One area where the agreement could set some risky precedents is in the area of peaceful nuclear energy collaboration. The United States is expected to agree to collaborate with Iran on peaceful nuclear activities, though Tehran will maintain some domestic enrichment capabilities despite having no real credible civilian energy needs that require that capability. This could cause other states to ask for the same and weaken the overall non-proliferation regime.
To mitigate against this consequence, the United States and the international community must recommit themselves to global standards for civilian nuclear cooperation that ask countries that seeks nuclear energy cooperation to pledge not to enrich uranium or reprocess plutonium—necessary capabilities for a military nuclear program. This standard was applied in 2009 when the United States signed the 123 Agreement for Peaceful Civilian Nuclear Energy Cooperation with the United Arab Emirates. The agreement will allow the UAE to build out an economically viable civilian nuclear energy program worth billions of dollars that will address a significant portion of the UAE’s domestic energy. However, it will do so without allowing for any domestic enrichment.
There is also a danger that other states in the region, particularly Saudi Arabia, could respond to the agreement by seeking a domestic capability similar to Iran’s. To cope with the threat, the United States should provide credible commitments to its allies that they will not stand alone against any Iranian threat. These assurances should address the Sunni Arab concerns about Iran's nuclear and conventional aspirations. They should aim to project American power in the region and to signal that the United States is there to stay by maintaining the current robust conventional American force presence. The United should also increase intelligence cooperation and provide more training and military support to U.S. allies to counter Iranian proxies.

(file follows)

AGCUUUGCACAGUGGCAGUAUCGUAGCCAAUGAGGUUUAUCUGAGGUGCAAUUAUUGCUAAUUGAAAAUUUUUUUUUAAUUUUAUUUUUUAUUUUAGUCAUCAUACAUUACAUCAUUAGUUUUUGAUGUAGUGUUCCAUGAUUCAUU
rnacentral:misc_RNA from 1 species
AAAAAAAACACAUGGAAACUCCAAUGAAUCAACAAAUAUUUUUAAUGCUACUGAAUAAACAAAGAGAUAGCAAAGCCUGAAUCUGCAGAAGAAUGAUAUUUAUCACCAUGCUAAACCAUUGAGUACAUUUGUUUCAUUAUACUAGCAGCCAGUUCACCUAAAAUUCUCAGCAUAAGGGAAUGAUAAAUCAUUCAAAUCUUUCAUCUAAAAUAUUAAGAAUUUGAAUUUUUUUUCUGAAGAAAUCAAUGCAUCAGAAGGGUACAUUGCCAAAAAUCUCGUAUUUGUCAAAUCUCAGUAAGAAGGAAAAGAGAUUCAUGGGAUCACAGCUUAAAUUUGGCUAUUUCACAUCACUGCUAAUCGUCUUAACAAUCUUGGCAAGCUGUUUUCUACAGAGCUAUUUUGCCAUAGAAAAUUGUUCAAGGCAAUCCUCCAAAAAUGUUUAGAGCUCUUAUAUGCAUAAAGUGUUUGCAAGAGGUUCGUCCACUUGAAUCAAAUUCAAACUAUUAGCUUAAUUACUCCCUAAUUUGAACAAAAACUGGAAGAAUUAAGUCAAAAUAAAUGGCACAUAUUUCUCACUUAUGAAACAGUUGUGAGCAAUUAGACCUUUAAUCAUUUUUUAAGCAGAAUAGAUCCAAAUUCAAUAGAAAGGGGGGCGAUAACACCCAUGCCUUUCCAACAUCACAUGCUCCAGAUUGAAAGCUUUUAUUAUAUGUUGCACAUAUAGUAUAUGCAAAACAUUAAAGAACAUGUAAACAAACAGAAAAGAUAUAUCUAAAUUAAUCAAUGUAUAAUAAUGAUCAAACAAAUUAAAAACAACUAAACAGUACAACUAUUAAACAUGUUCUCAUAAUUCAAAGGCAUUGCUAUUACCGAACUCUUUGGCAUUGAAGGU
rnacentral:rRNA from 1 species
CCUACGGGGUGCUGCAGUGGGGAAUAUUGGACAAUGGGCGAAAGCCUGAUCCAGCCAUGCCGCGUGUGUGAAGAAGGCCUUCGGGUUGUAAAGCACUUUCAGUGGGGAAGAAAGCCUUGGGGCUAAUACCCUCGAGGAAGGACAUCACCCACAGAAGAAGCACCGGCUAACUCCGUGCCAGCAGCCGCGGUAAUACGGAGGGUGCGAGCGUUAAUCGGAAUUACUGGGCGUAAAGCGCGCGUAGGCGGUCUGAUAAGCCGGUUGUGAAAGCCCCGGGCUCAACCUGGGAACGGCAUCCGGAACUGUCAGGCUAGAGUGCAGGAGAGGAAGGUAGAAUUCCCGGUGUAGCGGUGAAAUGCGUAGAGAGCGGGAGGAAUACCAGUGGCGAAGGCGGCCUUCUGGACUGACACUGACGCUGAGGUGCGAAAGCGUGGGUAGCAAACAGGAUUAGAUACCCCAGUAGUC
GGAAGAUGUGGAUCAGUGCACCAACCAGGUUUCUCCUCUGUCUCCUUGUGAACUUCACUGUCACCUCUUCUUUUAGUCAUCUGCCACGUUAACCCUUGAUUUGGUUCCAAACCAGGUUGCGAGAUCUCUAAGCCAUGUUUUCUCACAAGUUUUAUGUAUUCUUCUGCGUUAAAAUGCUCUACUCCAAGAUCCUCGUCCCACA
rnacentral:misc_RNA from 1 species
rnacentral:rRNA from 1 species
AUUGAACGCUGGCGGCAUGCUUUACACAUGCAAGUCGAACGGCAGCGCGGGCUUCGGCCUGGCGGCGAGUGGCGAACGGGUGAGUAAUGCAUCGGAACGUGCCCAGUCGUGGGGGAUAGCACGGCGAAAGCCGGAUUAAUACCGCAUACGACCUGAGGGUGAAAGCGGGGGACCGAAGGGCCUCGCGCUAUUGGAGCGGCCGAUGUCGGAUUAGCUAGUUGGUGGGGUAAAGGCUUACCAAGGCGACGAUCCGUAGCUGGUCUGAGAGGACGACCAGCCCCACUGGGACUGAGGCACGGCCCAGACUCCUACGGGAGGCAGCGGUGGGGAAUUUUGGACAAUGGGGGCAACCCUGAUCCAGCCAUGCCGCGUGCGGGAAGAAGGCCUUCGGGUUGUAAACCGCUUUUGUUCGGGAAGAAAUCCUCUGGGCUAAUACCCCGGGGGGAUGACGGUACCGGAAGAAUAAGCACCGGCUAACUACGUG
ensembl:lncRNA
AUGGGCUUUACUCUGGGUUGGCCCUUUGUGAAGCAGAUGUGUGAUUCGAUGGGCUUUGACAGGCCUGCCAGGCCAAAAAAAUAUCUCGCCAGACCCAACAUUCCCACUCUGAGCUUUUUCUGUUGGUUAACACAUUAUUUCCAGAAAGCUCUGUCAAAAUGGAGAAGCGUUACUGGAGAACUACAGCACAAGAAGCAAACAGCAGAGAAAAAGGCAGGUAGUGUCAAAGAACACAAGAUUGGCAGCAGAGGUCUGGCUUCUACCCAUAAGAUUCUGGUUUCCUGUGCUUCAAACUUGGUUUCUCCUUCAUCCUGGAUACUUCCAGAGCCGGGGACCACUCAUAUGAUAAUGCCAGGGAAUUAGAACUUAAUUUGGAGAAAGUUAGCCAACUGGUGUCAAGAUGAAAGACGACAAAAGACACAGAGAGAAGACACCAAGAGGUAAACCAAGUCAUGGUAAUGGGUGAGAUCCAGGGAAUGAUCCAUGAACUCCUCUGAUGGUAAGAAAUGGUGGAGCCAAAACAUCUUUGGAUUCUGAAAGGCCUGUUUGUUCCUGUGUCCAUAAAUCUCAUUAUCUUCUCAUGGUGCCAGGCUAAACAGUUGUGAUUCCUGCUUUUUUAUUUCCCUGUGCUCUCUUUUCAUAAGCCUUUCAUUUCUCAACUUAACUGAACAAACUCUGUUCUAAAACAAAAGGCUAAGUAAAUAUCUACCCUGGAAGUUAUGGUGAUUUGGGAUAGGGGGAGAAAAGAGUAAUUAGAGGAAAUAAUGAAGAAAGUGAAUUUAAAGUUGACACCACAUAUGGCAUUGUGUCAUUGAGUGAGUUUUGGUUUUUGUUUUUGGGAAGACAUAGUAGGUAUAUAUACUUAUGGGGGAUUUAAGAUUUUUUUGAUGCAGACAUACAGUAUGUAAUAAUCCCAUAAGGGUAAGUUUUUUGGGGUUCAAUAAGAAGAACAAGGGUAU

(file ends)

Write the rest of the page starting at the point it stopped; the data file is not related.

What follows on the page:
U.S. nuclear assurances are much more difficult. It is hard to see a U.S. administration and certainly not Congress providing a nuclear umbrella through a full treaty commitment to Gulf partners. And it is not even clear if many of the Gulf States want that type of commitment. The United States should initiate an intimate discussion with its allies about their nuclear concerns and how can they together cope with a nuclear threat in the Gulf. And if it becomes clear that some states are indeed eager to obtain a nuclear umbrella some commitments may be possible through executive agreement.
Along with the incentives and reassurance, Washington should stress the sticks available if its regional partners attempt to proliferate, as Iran did. It is not easy to build a nuclear weapon. It took Iran years to build up its nuclear program, despite its large and well-educated population. Iran has also paid a tremendous price including billions of dollars in investment, onerous sanctions, and isolation from the international community. The Iran example should be able to demonstrate to American partners that it is simply not worth pursuing this track.
Overall, a nuclear agreement that prevents Iran from acquiring nuclear military capabilities represents opportunities for transformational changes both in the region and in the global non-proliferation arena. However, a positive outcome will require the United States to pursue the right combination of policies after a deal including reassuring partners, pushing back against Iranian surrogates and proxies, and leveraging the agreement in the broader non-proliferation arena.
Ilan Goldenberg is the Director of the Middle East Security Program at the Center for a New American Security. Avner Golov is a researcher at CNAS, a research fellow at Israel's Institute for National Security Studies and a Harry S. Truman Scholar at the Fletcher School of Law and Diplomacy, Tufts University.
Image: Flickr/IAEA Imagebank